For the indigenous people of the Guarani, their land is sacred. They call it their mother – or Pachamama. Such is the bond between origin and millennia of native DNA. The soil that is the physical representation of their country is the origin of all life.
This starting point explains a lot about the Guarani people and their way of life. This week, we pay homage to the beautiful language of the Guaraní.
A Language Through History
Guarani counts over 4 million speakers throughout the South American continent. Along with Spanish, Guarani is the official language of Paraguay. Although its use is ubiquitous throughout the Americas, it was a purely oral one until recently. For example, speakers only adopted the Latin alphabet about 500 years ago. In addition, Guarani only formalized a modern alphabet in 1950.
This, however, hasn’t stopped it from entering into literature. Christian missionaries created significant works centuries ago alongside Latin alphabet adoption, resulting in works such as the Tesoro de la Lengua Guaraní. Likewise, the Catecismo de la Lengua Guaraní also features the language.
In modern times, the native language has appeared in Western European film and ballet depictions. Within Latin America, the language has prospered and continues to evolve, remaining a relevant part of the Paraguayan culture to this very day.
You might be surprised to hear that you already know some Guarani words. If you’ve ever seen a “jaguar” or eaten “tapioca,” then you already know some Guarani. Pretty neat, right?
A Language Of The People
Paraguayan Guaraní has many nicknames. One local nickname is avañe’ẽ, which means “language of the people.” The name itself can even be used to refer to a Paraguayan person. Somewhat unique for a native language, it’s one of the region’s popular dialects. It was even given elevated status during the 1990s after its inclusion in the constitution of 1992 as a national language.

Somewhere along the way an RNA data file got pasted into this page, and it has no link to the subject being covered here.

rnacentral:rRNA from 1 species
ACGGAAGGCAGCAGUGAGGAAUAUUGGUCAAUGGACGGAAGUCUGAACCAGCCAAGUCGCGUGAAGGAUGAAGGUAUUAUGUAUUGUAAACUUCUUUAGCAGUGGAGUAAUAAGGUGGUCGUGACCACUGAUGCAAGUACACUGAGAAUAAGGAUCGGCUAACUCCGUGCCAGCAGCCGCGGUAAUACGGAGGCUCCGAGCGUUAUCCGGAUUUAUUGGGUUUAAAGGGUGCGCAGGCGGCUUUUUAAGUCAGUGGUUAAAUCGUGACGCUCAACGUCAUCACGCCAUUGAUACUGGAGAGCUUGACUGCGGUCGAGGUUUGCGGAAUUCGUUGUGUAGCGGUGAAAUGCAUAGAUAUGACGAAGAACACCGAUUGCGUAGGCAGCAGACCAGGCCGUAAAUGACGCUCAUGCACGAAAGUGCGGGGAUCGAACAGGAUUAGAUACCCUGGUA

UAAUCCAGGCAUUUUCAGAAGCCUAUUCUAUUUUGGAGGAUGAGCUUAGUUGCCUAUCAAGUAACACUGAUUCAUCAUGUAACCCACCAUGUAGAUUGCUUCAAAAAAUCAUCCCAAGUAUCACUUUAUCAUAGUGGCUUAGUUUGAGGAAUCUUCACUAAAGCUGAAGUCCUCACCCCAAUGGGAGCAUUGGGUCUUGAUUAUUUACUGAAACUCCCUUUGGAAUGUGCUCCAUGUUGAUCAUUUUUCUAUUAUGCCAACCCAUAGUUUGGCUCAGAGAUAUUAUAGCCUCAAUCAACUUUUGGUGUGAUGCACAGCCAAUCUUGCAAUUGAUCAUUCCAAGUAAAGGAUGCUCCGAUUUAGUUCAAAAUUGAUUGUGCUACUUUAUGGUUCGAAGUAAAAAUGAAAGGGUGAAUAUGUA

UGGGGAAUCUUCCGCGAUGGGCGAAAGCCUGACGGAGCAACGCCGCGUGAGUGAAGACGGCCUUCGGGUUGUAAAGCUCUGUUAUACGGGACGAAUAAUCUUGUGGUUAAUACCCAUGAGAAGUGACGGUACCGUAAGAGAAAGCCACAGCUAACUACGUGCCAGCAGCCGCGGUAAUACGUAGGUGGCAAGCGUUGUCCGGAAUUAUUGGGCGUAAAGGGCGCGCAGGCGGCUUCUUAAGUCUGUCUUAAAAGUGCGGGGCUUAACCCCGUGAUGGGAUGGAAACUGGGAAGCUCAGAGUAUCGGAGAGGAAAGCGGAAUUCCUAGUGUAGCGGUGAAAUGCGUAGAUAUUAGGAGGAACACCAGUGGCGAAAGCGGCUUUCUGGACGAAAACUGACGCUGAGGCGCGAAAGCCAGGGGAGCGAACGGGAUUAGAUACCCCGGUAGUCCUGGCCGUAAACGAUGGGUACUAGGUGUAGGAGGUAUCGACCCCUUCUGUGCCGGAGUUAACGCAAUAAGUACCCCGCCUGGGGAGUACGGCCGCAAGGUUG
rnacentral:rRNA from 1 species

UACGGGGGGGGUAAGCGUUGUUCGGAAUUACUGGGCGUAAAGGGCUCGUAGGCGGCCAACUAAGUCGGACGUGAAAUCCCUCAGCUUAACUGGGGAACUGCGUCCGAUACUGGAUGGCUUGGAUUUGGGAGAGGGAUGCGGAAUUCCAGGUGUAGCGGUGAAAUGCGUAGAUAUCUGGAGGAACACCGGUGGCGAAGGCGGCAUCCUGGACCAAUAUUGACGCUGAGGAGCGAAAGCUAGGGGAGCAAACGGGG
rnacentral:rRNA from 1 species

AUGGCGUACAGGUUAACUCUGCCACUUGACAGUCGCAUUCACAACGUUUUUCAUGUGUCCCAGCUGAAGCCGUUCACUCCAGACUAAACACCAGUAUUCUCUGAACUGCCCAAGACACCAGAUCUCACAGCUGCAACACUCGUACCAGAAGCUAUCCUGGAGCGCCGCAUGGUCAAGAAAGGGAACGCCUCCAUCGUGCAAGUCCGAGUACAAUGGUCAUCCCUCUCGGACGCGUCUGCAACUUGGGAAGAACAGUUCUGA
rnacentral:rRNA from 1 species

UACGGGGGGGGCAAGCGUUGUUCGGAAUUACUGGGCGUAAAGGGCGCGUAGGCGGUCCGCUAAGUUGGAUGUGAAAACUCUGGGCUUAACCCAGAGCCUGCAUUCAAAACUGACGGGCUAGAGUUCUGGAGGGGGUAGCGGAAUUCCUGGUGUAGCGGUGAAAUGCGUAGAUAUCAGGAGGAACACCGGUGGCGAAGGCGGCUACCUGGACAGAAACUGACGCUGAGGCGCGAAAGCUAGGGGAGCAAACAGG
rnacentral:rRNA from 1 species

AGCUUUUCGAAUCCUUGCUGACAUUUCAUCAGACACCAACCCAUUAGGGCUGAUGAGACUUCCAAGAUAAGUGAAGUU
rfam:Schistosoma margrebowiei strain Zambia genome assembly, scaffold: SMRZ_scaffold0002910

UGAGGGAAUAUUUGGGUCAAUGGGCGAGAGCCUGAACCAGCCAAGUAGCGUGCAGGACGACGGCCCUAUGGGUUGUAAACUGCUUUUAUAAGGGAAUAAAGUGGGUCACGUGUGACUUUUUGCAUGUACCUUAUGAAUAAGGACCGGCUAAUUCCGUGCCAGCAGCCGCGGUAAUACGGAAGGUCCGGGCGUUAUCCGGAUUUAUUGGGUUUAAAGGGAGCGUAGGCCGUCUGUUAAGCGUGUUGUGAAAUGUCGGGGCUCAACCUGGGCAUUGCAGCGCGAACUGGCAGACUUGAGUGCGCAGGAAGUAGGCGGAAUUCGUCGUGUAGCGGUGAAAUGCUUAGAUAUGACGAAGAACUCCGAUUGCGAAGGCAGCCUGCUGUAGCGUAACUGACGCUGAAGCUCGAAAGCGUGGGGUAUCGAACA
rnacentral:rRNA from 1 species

Its history reflects the proud revitalization of its people. Once dismissed as a language of the working and lower classes, it is now a proud symbol of national identity. Today, Paraguayans learn Guaraní informally as well as receive formal education in public schools. A large part of the non-indigenous population speaks the language. This is portrayed nationally as “a triumph of the native language over the pressure of the language brought by the colonizers” (Barrera, 2015).
Even more recently, institutions of higher learning now dispense recognized degrees such as the Universidad Indígena Aymara inicia el -Tupak Katari-Mes Recordatorio (The Aymara Tupak Katari Bolivian Indigenous University) established in 2008.
TreeCoin For The People
At TreeCoin, we work with local Paraguayans. All are native speakers of Guaraní and it’s clearly a beautiful language. From our research facilities to the actual farmlands, the local communities have helped us realize our vision for reforestation. They play a key role in our goal to improve the timber industry. They’re crucial in protecting the dwindling rainforests.
And just like the Guaraní who today symbolize the continuity of their origins, we hope to symbolize continuity for the rainforests.
“The things that have come into being change continually. The man with a good memory remembers nothing because he forgets nothing.”
— Augusto Roa Bastos, Paraguayan novelist